User story 2

Starting from a sample application, Lesley, the full stack developer, can use Event Streams to write events to, and visualise data in Kafka, enabling incremental app creation.

User story 3

While using Event Streams, Lesley can intuitively give feedback, receive assistance and raise issues, getting a response in one working day, regardless of whether she’s using the free or paid version.


The story

The hills/user stories above were how we kept alignment with the wider offering team. My main responsibility was for hill 2. For this created a story which formed a thread throughout our design work: Zoom air is a commercial airline, they've got a new initiative around schedule delays, with the goal being to reduce the expense of reaccommodating disrupted customer by 10%.

Lesley organically hears of Kafka, and discovers IBM's offering through IBM's 'Kafka basics' education which she's able to find easily online. This should help her gain familiarity with the core Kafka concepts, and the benefits of using it.

She decides it'd be a good fit for the new initiative the airline is launching around reducing schedule delays to while also continuing to increase NPS. Kafka seems a good fit because of this initiative's reliance on near real-time events.

Lo-fi exploration of the key concepts

We first started to document the product using post-its. Our researcher took these and validated some of the concepts we were exploring to novice Kafka users, the flow explored the basics of what we thought our product needed to do, and took our sponsor users around the key areas.

It was becoming increasingly clear that our sponsor users were even less familiar with Kafka than we previously thought. A few iterations later and we were focussed on the install experience, testing if a staggered install experience would be beneficial to users to help guide them through the process as well as educating them at the same time.

This prompted us to design a mid fidelity flow for the 'topic create experience'. This allowed novice Kafka users to create a basic topic (the crux of Kafka) without any additional documentation.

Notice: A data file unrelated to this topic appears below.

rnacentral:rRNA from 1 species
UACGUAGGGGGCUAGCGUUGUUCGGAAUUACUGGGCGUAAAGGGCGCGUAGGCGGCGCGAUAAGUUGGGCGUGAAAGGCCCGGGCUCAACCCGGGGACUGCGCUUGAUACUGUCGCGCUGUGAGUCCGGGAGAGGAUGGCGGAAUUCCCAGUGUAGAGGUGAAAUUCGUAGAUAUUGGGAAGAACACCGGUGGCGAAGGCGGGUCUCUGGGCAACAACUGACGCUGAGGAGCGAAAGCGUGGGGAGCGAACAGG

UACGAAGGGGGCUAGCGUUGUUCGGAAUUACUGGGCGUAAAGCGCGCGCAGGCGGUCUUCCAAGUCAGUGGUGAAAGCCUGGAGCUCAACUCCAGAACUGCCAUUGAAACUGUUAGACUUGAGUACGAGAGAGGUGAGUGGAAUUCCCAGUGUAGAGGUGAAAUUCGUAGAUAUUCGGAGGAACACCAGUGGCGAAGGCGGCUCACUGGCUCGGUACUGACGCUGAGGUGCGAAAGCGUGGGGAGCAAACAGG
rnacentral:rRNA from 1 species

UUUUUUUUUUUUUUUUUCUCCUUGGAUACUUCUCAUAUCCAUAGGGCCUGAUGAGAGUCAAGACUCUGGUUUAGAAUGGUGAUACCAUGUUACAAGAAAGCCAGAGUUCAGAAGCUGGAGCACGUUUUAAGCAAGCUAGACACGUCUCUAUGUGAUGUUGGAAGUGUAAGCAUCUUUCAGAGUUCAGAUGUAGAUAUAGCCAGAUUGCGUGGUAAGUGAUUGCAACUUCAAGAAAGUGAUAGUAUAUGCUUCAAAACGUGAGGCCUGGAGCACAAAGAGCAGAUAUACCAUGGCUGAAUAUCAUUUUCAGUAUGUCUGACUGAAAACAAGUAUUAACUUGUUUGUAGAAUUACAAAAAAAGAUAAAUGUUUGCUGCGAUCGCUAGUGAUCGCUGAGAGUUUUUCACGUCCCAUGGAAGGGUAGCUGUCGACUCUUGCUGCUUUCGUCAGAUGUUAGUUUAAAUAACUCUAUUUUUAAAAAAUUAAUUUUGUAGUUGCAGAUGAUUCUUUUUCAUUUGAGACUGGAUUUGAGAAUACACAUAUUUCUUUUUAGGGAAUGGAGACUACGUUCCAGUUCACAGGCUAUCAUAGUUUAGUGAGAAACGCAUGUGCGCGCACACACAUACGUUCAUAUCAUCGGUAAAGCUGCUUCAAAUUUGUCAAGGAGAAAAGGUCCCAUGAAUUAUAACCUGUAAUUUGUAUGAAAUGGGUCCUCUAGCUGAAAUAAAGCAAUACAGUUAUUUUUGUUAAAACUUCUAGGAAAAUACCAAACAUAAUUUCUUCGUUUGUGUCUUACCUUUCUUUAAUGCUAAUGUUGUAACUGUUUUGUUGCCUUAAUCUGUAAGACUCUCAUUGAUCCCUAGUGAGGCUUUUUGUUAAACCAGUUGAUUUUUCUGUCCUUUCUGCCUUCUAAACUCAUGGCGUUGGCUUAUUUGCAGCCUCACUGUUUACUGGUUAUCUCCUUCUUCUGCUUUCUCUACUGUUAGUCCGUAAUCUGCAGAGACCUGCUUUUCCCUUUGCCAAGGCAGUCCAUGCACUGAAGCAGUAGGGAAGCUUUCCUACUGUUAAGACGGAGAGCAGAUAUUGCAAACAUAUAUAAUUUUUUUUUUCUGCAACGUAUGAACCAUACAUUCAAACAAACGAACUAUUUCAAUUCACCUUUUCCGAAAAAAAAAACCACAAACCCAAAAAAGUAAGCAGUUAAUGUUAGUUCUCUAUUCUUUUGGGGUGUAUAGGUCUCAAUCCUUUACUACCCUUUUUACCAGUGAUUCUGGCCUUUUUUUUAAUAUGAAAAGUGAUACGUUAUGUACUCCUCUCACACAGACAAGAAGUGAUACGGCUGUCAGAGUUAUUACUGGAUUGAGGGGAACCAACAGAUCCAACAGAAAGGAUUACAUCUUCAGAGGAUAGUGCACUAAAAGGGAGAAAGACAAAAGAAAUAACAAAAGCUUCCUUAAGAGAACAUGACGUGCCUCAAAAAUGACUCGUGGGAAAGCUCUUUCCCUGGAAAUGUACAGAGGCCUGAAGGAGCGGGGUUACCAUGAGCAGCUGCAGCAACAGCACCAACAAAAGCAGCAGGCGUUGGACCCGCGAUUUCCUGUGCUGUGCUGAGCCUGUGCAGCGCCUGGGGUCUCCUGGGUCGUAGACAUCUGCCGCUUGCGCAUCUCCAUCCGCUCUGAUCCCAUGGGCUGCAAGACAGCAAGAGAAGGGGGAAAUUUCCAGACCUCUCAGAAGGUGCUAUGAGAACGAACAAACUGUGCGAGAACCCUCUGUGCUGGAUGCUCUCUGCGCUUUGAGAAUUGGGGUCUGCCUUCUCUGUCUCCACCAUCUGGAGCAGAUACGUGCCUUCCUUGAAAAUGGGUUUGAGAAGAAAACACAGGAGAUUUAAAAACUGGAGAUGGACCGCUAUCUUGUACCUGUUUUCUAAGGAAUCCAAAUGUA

Building out the prototype...

In addition to the above screens, here are a few of the additional wires that we strung together into a flow for testing.

What we learned
  1. The majority of our sponsor users loved the 'hand holding' approach to the install, which gave us the opportunity to explain some of the key concepts of Kafka, such as partitions, replicas and retention. We ended up building something similar to this in the first release. (For those that didn't like the approach, we designed a compromise to reduce the hand holding, which actually became the basis of a Carbon pattern for the rest of IBM to use.
  2. We also found that users really hated the idea of our product having logging as a first class citizen. All already had existing logging solutions that they wanted us to integrate with.

The 'Think' conference

This was an opportunity to test a more end to end flow. We testing the whole getting started experience, including a concept of a starter app

What we learned

This largely just validated the business need for Kafka, and confirmed the concepts we were planning to build. One thing that gained huge popularity after Think was the concept of a 'Message browser', a way of navigating the messages was extremely well received and, as such, actually became a large focus.

We received lots of opinions on what our 'monitoring' focus should be, this was largely focussed around which technologies we should plug into, and what we should do natively.

Users were keen on the simulated topic idea as a way of learning Kafka and Event Streams. We also had lots keen to see the proposed "Kafka Basics" education as nothing like this (something that targets novice Kafka users) currently existed.